Can we please ask All The Parents to make sure your child has Rain Gear in school every Wednesday, as it is important for his/her learning. Waterproof jacket, pants and rain boots are essential for your child to enjoy the encounter with nature.


Starting Wednesday, October 10th, there would be no cancellation of The Forest Trips due to rain.

Thank you in advance for your collaboration,

The Pre-K  Team

Building a Community…

Building a Community

At the beginning of the year, we look to create a community within our Pre-K classrooms.  We start be developing relationships with the adults and children of our individual classes, and then start to meet and play with the children and educators for the other two classrooms.  The children get to know one another and are encouraged to stretch themselves and try to experiment with new friendships.   

“I asking them [new children] if they can be friend.  Una is my new friend.  We just saw her lots of times.  We swing on the playground.”          – Nika 


These were the songs we sang when we were meeting children from the other classes:

Hello Song

Fair Ways to Play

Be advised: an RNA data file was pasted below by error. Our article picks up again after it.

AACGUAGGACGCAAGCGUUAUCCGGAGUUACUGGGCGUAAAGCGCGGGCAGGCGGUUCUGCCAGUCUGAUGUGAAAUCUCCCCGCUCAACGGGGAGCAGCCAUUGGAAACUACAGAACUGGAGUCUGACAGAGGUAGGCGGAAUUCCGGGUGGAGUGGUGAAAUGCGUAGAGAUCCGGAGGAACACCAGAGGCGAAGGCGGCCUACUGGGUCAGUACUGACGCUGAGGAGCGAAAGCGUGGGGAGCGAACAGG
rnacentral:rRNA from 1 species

“I want to play with all the children every day because I can make new friends with other kids that are not in my class.  I have played with some of them in my old school.”                                               – Taya



Over the last two weeks we set times when each group was able to go into another class and play in the new space and meet the other children.  While there, we all took part in making collaborative sculptures that would help us remember the colour associated with that classroom.

The atmosphere within all three classrooms and our outdoor space is warm, inclusive and inviting, supporting all children to feel like valued members of our Pre-K community.

“I didn’t go to all the classrooms, but I did play in the Blue and Red today…so I played in two of them…but not three.  But I like to have all the classrooms because it feels good”  – Ben

The inquiry into how people in a community discover and learn, make choices, and develop independence will last throughout the year, giving us a lot of time to discover our own ways of learning, as well as the partnerships that we have with other learners – who do we learn well with?  Why?  How will we share our thinking and learning?  What makes us a community of learners?

“It is so good to play in the other classrooms because we can play with friends!”                                                                                  – Mary


Who We Are

Who We Are